First-Class Role-Playing…for Players! Part 2: How To Be Awesome

Posted by on March 29, 2017
'Deep in thought' by 8one6 on Flickr

‘Deep in thought’ by 8one6 on Flickr

This post is for players who have played enough sessions to have the game’s basic rules under their belts. If you’re completely new to role-playing, read this first post in the series.

Work With Your DM

Accept your DM’s house rules

Your DM has certain guidelines and parameters for the world, and house rules to play by. Accept them.

Seriously, part of the DM’s job is to figure out these things. Your DM probably has good reasons for using them.

That said, you can certainly ask questions about any special rules or restrictions. Your DM wants you to understand them, so if they don’t make sense to you, absolutely ask questions. Just don’t get into arguments about them. If you really dislike a particular restriction, it’s better to find a different group than to get into multiple arguments with this one.

Action: Ideally before the campaign begins, ask your DM for any unusual details about the setting, and for a list of house rules.

Don’t play against your DM

Some players think of the DM as their adversary, as an enemy to be outwitted. In fairness, some DMs think this, too.

While your DM is certainly inventing obstacles for your characters, he or she is running a game that he or she thinks will be the most fun for everyone at the table.

Don’t look for a way to avoid every plot hook, or to defeat every villain immediately, or to figure out what’s “really going on” and find a way around it.

Play the game.

Create Hooks For Your Character

Invent family members, friends, allies, contacts, and other people that your character knows in the world. Tell your DM about them.

These will create allies that your DM can bring into the game to help you. Don’t worry about whether your DM will use them against you or not (again, don’t play against your DM).

Action: Create one family member, one knowledgeable friend to whom your character can go for information, and one influential acquaintance. Write down their names, classes, races, needs, fears, specific professions (guard, lord, dock worker, etc.), and physical locations in the world. Send them to the DM and ask for feedback.

Collaborate With Other Players

You’re not the only player! Talk to the other players about their characters. Look for ways to support them in-game, not just statistically, but also by backing them up when their characters suggest courses of action, and proposing in-game things their characters can do (with your character’s help).

The game’s a lot more fun when player-characters are working together towards their goals.

That said, your players are also figuring out their characters in play. Watch for unexpected moments of character development during the game, and do your best to support them.

Action: Ask each other player what you can do to help their character achieve his or her goals. Write these down and have them with you during the game.

Improv and “Yes, and….”

Many gamers consider improv the Holy Grail of effective, in-character role-playing. While improv doesn’t map precisely onto tabletop role-playing, learning and practicing improv will certainly improve your role-playing skills.

Look up articles and books on improv (one of the best is Impro: Improvisation and the Theatre by Keith Johnstone). Look for ways to integrate that into your play.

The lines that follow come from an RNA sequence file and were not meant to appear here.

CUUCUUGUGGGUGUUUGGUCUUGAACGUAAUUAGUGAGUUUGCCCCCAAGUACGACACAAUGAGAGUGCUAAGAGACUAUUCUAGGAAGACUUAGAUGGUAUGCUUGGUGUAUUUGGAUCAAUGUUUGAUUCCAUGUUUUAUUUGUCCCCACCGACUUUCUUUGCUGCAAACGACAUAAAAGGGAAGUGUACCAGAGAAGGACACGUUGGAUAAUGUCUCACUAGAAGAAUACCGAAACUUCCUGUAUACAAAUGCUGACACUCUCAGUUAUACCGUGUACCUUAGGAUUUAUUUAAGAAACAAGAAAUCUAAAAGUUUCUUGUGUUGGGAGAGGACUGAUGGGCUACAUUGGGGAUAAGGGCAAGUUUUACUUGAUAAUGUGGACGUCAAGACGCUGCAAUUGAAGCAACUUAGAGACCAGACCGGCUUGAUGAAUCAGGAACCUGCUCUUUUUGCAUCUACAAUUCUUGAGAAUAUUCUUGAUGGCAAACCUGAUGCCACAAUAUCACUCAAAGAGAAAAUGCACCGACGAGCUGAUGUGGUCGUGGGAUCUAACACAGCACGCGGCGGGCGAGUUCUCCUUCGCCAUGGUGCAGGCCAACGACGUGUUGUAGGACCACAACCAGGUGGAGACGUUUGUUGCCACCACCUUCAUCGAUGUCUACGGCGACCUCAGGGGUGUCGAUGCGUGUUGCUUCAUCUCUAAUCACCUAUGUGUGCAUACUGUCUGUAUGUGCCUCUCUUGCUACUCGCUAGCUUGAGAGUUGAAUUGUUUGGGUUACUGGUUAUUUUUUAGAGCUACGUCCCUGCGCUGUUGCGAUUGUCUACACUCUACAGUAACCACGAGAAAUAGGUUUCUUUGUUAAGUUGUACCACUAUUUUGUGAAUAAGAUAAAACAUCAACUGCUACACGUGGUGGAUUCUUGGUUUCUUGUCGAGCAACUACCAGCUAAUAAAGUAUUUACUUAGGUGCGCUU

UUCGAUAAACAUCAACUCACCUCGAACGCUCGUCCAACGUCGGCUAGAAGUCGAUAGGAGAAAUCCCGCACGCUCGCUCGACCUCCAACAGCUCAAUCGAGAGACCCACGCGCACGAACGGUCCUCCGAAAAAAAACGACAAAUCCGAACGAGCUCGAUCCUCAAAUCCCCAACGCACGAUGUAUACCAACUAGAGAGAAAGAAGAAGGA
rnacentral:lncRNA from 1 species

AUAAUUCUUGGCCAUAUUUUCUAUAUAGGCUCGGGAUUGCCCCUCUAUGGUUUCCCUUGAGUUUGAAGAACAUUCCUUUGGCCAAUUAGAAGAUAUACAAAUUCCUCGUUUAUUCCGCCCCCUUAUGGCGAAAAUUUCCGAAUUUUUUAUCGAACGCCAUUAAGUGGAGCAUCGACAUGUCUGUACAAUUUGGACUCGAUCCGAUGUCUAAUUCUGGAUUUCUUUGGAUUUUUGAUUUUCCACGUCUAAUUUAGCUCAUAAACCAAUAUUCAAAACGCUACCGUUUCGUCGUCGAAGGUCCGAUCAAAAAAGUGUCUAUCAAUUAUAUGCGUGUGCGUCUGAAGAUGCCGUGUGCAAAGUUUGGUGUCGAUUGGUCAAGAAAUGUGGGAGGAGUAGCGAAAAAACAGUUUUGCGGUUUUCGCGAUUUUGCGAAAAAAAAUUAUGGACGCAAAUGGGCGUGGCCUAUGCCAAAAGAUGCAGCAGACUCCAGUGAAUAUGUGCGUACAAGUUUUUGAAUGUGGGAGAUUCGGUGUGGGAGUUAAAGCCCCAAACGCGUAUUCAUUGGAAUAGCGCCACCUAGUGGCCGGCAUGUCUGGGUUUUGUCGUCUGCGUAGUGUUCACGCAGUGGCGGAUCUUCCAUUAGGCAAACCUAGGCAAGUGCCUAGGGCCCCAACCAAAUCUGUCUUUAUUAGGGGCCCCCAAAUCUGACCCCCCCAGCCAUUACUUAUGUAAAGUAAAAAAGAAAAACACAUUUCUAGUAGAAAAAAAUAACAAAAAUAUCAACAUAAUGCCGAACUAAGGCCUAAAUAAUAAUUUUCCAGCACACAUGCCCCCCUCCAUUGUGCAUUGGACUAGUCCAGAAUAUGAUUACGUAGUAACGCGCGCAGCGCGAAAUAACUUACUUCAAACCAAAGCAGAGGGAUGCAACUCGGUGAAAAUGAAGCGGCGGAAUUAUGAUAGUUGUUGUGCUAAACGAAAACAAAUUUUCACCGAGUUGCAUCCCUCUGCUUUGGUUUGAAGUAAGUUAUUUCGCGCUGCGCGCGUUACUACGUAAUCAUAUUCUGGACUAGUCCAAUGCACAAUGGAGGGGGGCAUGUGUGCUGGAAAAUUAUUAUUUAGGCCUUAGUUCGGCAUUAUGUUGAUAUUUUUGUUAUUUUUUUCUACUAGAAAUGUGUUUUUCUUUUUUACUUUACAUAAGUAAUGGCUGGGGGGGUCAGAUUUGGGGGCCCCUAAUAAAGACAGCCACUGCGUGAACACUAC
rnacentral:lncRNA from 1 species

One of the more useful rules of improv is “Yes, and….” When another player introduces anything, such as mentioning a side character or a bit of backstory, accept it as part of the story, then build on it. In other words, if a player says “Hey, remember that time we hunted goblins through the snow into Fardeep?” don’t say “No,” or “What are you talking about?” Instead, say “Oh yeah, I nearly lost an eye! I remember we let one of the goblins go; I wonder what happened to him?”

There are two main exceptions to this rule. First, if someone introduces a fact that contradicts already established history, step back out of character and ask the player to clarify. Second, if someone tries to act for another player in the moment (such as “Your character attacks me”), step out of character, point out that the other player doesn’t get to choose your character’s current actions, then move on.

If you don’t like what another player introduces, you can use “Yes, but…” to describe a complication to the fact. This is a way to take a problematic situation and turn it to your favor. Just don’t do it often.

Action: When a player introduces a new fact, accept it and add to it.

Don’t Dominate

If you’re actively doing things in the game, it’s easy for your character to become central and overshadow other characters. You can turn a group story, like The Avengers or Guardians of the Galaxy, into a solo-hero story like Indiana Jones. Some players are okay with that, but many aren’t.

Fortunately, this is relatively easy to fix: choose actions that include other characters. Invite another character to help you with your intended action. Don’t just wade into battle; ask another character to cover you.

Also, spend a session where you take a back seat. Let other players push the story forward. Certainly act and react, but if you’re consistently the one acting first, try being more passive and see what happens.

Action: Choose courses of action that include other player-characters.

That’s it! Stay tuned for some troubleshooting tips tomorrow.

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